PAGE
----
Webster returns focus to illegal land sale along Walker Pond

The entrance of Walker Pond Road in Webster where town treasurer Bruce Johnson bought land across from his residence.

The entrance of Walker Pond Road in Webster where town treasurer Bruce Johnson bought land across from his residence. GEOFF FORESTER

By SRUTHI GOPALAKRISHNAN

Monitor staff

Published: 02-07-2024 4:41 PM

Modified: 02-08-2024 5:34 PM


Webster residents will soon face a looming question: Should the town seek the return of two properties that were illegally sold along pristine Walker Pond?

The petitioned warrant article calls for the return of two town-owned parcels, each 1.5 acres in size along the 200-acre pond. These parcels were purchased by former selectman and town treasurer Bruce Johnson in October 2019 for $7,000 without open competitive bidding, violating both state law and town policy. The parcels were valued at $44,800.

Although Johnson was found guilty of a Class B misdemeanor in September 2021 and fined $1,200, he still retains ownership of the land.

David Nesbitt said the continued discussion about the illegal land sale to Johnson needs to be put to rest.

“If I can say, this is like Groundhog Day all over again,” Nesbitt said Tuesday. “This is really getting to absurdity. We need to get past this. This is really a black eye for Webster.”

Nesbitt is married to Christine Schadler, who played a role in the clandestine land sale. Schadler was a member of the select board in 2019 when they went into non-public session and agreed to sell the land to Johnson. She was one of three who signed the deed transferring ownership of the property to him. More recently, Schadler sold her camp and 1.9 acres of land at 132 Walker Pond Road to Johnson for $75,000, furthering his land holdings around the pond to 9.3 acres.

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Both Nesbitt and Schadler currently sit on the town’s Conservation Commission.

While Nesbitt wants to move on from the issue, others, like Gordon Welch, insist on dealing with it.

“It’s going to come back and bite us. It’s going to do it over and over and over again until the town does something about it,” Welch said. “I’m going to be here that day [town meeting] and I just want to see. I’m going to be close to the door because somebody’s going to get their feelings hurt.”

In addition to Johnson’s property that he acquired from the town, several other parcels were legally purchased from the water district by current and former town officials who already live along the pond. Voters at town meetings were never asked if the parcels should be acquired for public use. The road leading to the pond has no trespassing signs warning visitors to turn around.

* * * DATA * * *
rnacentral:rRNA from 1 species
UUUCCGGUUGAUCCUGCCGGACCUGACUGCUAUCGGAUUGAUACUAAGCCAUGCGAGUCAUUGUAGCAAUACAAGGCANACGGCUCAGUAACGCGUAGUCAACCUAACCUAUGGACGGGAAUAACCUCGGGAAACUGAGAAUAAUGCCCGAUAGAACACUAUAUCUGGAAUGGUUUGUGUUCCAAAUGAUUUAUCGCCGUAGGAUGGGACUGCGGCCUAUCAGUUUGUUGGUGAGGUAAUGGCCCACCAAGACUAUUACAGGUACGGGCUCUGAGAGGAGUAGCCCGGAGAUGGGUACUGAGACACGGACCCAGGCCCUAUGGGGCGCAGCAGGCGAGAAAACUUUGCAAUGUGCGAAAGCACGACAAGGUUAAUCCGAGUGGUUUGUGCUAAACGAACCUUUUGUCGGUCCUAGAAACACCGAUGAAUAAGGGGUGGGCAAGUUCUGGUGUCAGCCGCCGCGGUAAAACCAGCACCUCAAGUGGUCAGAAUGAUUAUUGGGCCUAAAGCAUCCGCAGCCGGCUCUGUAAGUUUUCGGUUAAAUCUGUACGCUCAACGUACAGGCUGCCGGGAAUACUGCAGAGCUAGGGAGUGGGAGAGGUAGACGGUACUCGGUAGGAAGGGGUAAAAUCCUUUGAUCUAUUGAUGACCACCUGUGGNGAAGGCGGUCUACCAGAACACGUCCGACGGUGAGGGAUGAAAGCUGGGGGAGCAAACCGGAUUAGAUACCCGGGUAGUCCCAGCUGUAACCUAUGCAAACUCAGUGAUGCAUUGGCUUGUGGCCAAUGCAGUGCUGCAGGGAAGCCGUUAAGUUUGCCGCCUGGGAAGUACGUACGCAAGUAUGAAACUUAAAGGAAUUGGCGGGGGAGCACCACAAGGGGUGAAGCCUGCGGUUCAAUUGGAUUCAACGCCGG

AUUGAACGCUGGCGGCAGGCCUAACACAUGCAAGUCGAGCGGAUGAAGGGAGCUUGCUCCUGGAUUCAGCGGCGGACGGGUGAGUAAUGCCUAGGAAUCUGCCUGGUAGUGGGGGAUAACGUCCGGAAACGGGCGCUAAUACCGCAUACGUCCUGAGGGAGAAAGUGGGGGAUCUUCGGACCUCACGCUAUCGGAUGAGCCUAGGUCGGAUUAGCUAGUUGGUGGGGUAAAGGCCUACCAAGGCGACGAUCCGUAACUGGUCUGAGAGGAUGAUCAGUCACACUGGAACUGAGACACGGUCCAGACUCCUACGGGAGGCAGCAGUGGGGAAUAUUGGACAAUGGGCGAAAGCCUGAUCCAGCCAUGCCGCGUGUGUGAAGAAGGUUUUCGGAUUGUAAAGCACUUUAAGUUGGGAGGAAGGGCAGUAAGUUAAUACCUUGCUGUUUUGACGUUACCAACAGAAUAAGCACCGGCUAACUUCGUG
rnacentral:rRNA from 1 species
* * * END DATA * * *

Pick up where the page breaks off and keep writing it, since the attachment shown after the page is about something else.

This week, Webster held its budget public hearing, which foreshadowed the issues facing voters at this year’s town meeting.

Last year, Webster stood out as one of the few towns witnessing a decrease in its operating budget. However, this year the operating budget has increased to $1.82 million, reflecting an 11.4% increase from the previous year.

Select board chair David Hemenway attributed this rise to inflationary pressures, including increased costs in insurance, wages, contract renewals and goods and services.

Among the proposed expenses is the allocation of nearly $47,000 for the purchase of a new police cruiser to replace the aging 2016 model.

Stephen Adams, Webster’s police chief, emphasized the urgent need for this replacement, citing the present vehicle’s miles at more than 300,000.

“It’s going to start costing us a lot of money. We’ve never had to replace a motor or transmission. And we wouldn’t be able to run a car if we did that because it would overspend our complete budget just about,” said Adams.

At the town meeting in March, residents will be asked to vote on the new Hopkinton-Webster refuse disposal agreement.

The revised agreement, which permits Webster and Hopkinton to jointly operate the transfer station on 491 E. Penacook Road, maintains most of the original terms from 1975, except for the removal of the refuse disposal committee.

In the new agreement, the select boards will be the policymakers, while the day-to-day operations will be carried out by Hopkinton.

Aside from changes to the language, the revised draft emphasizes flexibility for both towns. It includes provisions for towns to withdraw or opt into new programs independently, without being compelled to implement decisions made by one town alone.

 (Editor’s note: This article has been changed to reflect Chris Schadler’s role on the Webster Select Board in 2019 and to correct the first name of Select Board Chair David Hemenway. This information was incorrect.)